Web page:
Southmont, North Carolina

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Southmont, North Carolina
Census-designated place
Southmont is located in North Carolina
Southmont
Southmont
Location within the state of North Carolina
Coordinates: 35°39′56″N 80°15′54″W / 35.66556°N 80.26500°W / 35.66556; -80.26500Coordinates: 35°39′56″N 80°15′54″W / 35.66556°N 80.26500°W / 35.66556; -80.26500
Country United States
State North Carolina
County Davidson
Area
 • Total 4.57 sq mi (11.84 km2)
 • Land 4.56 sq mi (11.81 km2)
 • Water 0.01 sq mi (0.03 km2)
Elevation 678 ft (207 m)
Population (2010)
 • Total 1,470
 • Density 322/sq mi (124.4/km2)
Time zone Eastern (EST) (UTC-5)
 • Summer (DST) EDT (UTC-4)
ZIP code 27351
FIPS code 37-63360
GNIS feature ID 995244

Southmont is an unincorporated community and census-designated place (CDP) in Davidson County, North Carolina, United States. As of the 2010 census it had a population of 1,470.[1] It is located along North Carolina State Highway 8 on the northern shores of High Rock Lake. There is an organized effort underway to incorporate the community as "The Village of Southmont".[citation needed]

History[edit]

The community was founded in 1883 as "Fairmont" with the approval of a post office. The postmaster was Samuel S. Peacock from April 19, 1883, until it closed August 30, 1906. It was located in a country store operated by Mr. Hedrick near where the railroad crosses Hwy 8 today. Within 10 years, however, the community had failed to thrive and the store closed, with the post office surrendering its charter.

Just after the turn of the 20th century, another store opened where the previous store stood, and an attempt to reopen the post office was declined by the postmaster general. It seems that another community had claimed the name "Fairmont". The name "Southmont" was chosen instead to receive the approval of a post office with Meriles S. A. Michaels as the postmaster on March 11, 1911. A village grew up around the crossroads of where the new Winston-Salem Southbound Railway rail line had crossed the road to Lexington.

During the 1920s the town had multiple stores, the county's first consolidated brick school, various churches, the Star Furniture Company, and the Wall Lumber Company. The hotel thrived for a time. Dr. Alvin York set up a practice in town. The Baptist churches of the area included Holloways Baptist Church, Stoners Grove Baptist Church and the First Baptist Church of Southmont. Macedonia Methodist Church was also active by the time the lake was created.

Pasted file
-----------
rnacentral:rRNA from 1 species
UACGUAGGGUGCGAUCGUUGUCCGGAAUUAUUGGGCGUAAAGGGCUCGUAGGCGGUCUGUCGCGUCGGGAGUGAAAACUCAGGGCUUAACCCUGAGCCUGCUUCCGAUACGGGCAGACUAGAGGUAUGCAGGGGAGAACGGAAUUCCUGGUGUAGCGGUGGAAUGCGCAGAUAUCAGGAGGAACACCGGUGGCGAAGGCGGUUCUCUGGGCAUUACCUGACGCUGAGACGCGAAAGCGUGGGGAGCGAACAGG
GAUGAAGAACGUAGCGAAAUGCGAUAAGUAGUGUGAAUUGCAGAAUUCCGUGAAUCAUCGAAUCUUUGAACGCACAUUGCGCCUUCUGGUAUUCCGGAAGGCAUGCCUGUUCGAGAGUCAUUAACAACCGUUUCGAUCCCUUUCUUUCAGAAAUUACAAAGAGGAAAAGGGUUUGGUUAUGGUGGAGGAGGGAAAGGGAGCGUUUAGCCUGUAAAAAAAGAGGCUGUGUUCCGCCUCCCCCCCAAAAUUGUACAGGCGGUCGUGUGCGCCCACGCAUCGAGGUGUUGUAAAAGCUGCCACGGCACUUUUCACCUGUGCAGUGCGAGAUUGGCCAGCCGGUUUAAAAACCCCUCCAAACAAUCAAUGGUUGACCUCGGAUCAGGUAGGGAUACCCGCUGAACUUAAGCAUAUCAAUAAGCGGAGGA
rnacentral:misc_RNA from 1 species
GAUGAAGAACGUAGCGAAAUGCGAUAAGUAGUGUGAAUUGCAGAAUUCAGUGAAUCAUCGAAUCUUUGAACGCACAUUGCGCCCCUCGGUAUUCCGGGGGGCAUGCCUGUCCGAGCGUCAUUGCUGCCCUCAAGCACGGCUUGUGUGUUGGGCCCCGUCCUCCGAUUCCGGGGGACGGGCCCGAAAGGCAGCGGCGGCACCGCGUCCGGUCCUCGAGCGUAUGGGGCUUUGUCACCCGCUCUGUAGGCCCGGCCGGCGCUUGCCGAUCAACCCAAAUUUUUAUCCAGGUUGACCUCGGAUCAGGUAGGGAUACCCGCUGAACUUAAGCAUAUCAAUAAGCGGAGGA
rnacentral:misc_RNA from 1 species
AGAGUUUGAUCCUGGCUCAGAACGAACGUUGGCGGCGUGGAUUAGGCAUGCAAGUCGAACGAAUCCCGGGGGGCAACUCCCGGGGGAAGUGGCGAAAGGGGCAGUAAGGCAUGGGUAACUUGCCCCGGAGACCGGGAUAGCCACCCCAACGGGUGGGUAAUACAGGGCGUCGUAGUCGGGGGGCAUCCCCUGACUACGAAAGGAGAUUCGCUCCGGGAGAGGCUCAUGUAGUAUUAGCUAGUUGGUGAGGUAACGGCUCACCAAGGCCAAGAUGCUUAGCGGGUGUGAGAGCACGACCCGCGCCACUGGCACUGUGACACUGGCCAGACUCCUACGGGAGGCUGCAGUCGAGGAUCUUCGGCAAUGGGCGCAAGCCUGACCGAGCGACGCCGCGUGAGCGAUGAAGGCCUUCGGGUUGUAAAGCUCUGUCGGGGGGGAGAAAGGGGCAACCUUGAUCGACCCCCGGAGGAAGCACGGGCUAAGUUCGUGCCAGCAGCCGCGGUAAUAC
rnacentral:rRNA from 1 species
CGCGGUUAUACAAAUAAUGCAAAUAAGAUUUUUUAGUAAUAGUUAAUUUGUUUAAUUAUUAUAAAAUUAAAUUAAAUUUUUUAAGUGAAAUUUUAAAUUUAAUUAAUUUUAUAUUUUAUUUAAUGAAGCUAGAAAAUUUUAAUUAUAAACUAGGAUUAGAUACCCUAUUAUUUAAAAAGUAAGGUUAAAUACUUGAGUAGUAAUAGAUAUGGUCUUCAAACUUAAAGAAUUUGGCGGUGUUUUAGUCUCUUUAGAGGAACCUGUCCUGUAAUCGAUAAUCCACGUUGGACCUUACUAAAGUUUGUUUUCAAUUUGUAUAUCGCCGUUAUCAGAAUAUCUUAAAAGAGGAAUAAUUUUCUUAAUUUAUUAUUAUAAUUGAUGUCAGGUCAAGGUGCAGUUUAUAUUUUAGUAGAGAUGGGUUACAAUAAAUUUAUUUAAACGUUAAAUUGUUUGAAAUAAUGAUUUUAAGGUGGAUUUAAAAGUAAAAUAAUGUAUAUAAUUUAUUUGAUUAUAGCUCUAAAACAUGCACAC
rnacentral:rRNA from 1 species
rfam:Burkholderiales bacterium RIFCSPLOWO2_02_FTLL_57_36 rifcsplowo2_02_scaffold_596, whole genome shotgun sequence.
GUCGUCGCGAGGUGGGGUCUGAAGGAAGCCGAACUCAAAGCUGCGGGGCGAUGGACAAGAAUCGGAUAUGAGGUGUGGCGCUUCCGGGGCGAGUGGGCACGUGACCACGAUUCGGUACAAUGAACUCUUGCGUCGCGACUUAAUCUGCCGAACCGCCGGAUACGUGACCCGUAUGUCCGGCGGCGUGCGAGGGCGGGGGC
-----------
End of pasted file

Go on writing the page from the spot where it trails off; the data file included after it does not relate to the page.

By 1926, with the creation of High Rock Lake, many of the bridges and roads changed or closed, the railroad was elevated, and the route crossing the river changed. Other roads were rerouted as the geography changed. Coupled with the Great Depression, much of the town died, but the school and churches remained. Fires claimed the two industries and the famous eight-gable hotel building, and by the early 1950s with train travel no longer being the favored means of travel, the station closed.

The Southmont Volunteer Fire Department was created in 1958, and the new Central Davidson High School opened, with students from the Southmont High School now attending CDHS. The school became grades 1-8 and by the early 1960s people began to build summer cottages at High Rock Lake. 1967 witnessed racial integration of the schools.

By 1972, a temporary middle school was created using an abandoned school at the Junior Order Children's Home, and the 8th grades were consolidated there creating CDJH. During a 1979 bridge repair, Hwy 8 was closed for nearly two years and much of the lake was found to have mercury contamination from a battery plant upstream. Again, businesses closed and the school closed in 1981, consolidated with Linwood near Cotton Grove, known as Southwood.

Over the past 10 years the community has again seen a resurgence of growth, with multiple small businesses, a new school, new post office, expanded churches, a new fire station, an array of other local civic and community groups, and significant population growth to the lake areas in and around Southmont.

References[edit]

  1. ^ "Geographic Identifiers: 2010 Demographic Profile Data (G001): Southmont CDP, North Carolina". U.S. Census Bureau, American Factfinder. Retrieved November 25, 2015.